Many of the projections are similar across the three lists. 57-58 points seems reasonable for Bo Horvat and both The Athletic and ESPN project an identical 44 points for Höglander. What’s interesting is where there are big differences.
Oliver Ekman-Larsson is a good example. The Canucks’ trade acquisition has consistently scored around 40 points per season for the Arizona Coyotes, including a 43-point pace across 82 games last season. Based on that, the projections of 46 and 40 points from ESPN and CBS seem pretty reasonable.
The Athletic, however, projects 32 points for Ekman-Larsson, which would match his lowest-ever point total across a full season. It’s understandable why, as Luszczyszyn’s projections also take into account where a player fits on a team’s depth chart.
With Ekman-Larsson unlikely to take Quinn Hughes’s spot on the first power play unit, he may not be able to match his power play point totals from previous seasons. That’s an iissuue, as it’s traditionally been a prime source for a lot of his scoring.
Accordingly, The Athletic projects just 9 power play points, while ESPN projects 16 power play points. That alone makes up the bulk of the difference between their projections. In addition, Ekman-Larsson may have to carry a heavier defensive load next season, which may drag down his even-strength point totals.
On the other hand, Ekman-Larsson had just a 3.6% shooting percentage last season, well below his career average of 7.4%. He’s typically been a lock to score goals in the double digits every season and had just three goals last season — he could be due for some positive regression there.
Different projectables: Conor Garland
Another player with a wide range of projections is another former member of the Arizona Coyotes: Conor Garland.
It’s understandable why there would be different projections for Garland, as it’s tough to predict exactly how a player will perform for a new team. Luszczyszyn projects 51 points for Garland and CBS is similar at 54 points, but ESPN projects 65 points in just 70 games.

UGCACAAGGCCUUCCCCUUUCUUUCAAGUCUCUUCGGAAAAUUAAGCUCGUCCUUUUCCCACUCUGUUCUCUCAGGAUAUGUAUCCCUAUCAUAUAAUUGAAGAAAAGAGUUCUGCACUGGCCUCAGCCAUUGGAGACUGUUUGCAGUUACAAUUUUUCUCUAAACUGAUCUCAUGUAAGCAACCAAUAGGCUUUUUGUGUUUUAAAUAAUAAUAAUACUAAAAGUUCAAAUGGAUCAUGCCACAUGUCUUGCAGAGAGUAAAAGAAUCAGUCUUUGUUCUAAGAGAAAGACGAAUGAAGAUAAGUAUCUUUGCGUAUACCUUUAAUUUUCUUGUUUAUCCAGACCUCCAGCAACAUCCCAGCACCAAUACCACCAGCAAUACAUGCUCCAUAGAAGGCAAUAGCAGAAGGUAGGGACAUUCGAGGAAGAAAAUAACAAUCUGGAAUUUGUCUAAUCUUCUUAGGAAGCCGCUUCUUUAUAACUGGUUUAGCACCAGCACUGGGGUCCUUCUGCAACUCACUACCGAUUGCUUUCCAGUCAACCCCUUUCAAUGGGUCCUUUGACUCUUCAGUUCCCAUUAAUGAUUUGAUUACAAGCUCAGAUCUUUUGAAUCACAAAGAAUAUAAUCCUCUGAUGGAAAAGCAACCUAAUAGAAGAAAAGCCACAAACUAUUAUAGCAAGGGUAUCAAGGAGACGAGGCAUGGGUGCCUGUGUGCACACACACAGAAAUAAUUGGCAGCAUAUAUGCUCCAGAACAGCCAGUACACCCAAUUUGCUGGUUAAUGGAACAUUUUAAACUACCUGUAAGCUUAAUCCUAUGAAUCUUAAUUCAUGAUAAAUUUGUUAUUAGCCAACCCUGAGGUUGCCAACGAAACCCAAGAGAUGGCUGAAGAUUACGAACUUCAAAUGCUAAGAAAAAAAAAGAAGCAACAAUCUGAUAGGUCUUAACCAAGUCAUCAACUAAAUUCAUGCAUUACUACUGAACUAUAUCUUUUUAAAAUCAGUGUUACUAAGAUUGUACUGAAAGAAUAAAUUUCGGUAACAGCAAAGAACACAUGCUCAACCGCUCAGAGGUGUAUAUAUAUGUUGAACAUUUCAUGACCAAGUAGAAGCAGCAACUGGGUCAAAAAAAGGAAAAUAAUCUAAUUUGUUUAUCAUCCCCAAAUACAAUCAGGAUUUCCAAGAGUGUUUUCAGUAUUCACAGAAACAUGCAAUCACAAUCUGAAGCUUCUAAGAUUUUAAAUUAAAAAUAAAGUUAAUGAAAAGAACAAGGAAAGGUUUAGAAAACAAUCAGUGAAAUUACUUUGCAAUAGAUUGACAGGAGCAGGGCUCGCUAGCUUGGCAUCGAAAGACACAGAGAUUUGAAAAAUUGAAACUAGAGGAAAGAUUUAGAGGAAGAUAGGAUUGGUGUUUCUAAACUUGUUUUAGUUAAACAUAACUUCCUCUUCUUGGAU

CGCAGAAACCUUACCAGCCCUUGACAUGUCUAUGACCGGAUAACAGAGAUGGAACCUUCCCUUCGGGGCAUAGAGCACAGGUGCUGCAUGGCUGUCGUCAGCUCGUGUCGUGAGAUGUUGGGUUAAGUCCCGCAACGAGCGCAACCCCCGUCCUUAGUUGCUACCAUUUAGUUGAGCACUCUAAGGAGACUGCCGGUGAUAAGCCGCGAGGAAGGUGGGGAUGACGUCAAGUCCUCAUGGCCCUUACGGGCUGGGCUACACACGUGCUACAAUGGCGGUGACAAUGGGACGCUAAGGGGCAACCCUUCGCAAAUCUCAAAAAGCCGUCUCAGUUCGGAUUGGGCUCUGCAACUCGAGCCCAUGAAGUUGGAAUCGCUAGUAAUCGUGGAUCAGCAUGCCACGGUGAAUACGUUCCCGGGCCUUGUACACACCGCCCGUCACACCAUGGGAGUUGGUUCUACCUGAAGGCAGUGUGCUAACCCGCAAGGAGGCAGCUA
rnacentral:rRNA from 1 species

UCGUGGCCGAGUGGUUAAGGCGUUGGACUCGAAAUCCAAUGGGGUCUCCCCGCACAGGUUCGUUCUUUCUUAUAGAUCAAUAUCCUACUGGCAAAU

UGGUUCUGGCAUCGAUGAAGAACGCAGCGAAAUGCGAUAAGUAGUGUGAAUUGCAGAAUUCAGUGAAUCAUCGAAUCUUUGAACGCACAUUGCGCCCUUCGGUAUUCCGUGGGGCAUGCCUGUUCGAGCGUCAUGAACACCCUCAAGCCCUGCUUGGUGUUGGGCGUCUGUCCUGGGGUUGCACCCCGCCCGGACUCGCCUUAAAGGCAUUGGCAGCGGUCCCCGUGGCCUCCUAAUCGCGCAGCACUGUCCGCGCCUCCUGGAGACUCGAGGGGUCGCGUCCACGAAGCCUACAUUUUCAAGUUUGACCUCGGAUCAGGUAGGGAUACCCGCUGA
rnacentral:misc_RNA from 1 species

That’s 0.93 points per game, which would be a significant jump up for Garland, who averaged 0.80 points per game last season.
A lot will depend on where Garland slots into the lineup. Garland could be a nice fit alongside Bo Horvat on the second line, but he could also potentially get minutes with Pettersson on the first line. There’s also the question of whether Garland can bump anyone off the top power play unit or if he’ll play on the second unit.
65 points doesn’t seem outrageous as a projection for Garland, but it’s leaning towards the optimistic side, particularly if he only plays 70 games.
What’s interesting is that ESPN also has a higher projection for Tanner Pearson — 45 points to The Athletic’s 32 points. Considering Garland will be taking Pearson’s spot in the top-six and likely on the power play as well, Pearson could have a tough time reaching 45 points, which represents his career-high.
The toughest players to project, of course, are those who have yet to play in the NHL. Vasily Podkolzin has put up modest point totals in Russia, but he’s already been pencilled into the Canucks’ opening night lineup.
The Russian rookie has a tenacious defensive game that should immediately endear him to the Canucks’ coaching staff, so the projection of 70 games for Podkolzin seems reasonable. That well-rounded aspect to his game should keep him in the lineup, but offensive production is another question entirely.
The Athletic projects 33 points — 14 goals and 19 assists. In terms of Canucks rookies, that’s a step down from Boeser’s 55 points, Pettersson’s 66 points, Hughes’s 53 points, or even Höglander’s 27 points in 56 games from last season.
Still, 33 points would be solid second-line production and is in line with how a similar player performed at the same age; Valeri Nichushkin had 29 points in 79 games as a 20-year-old after playing in the KHL the previous two seasons.
Podkolzin’s production will depend on where he lands in the lineup. If he finds a fit on a checking third line, points might be harder to come by but he could still have a significant impact. If he gets a chance to play with Horvat on the second line, however, they’ll expect more point production out of him.
Looking at a few of these players with different projections, however, gives rise to an intriguing possibility: between Ekman-Larsson, Garland, Pearson, and Podkolzin, the Canucks have the makings of a very good second power play unit.
Will that be enough for those players to match or exceed their projections? That remains to be seen.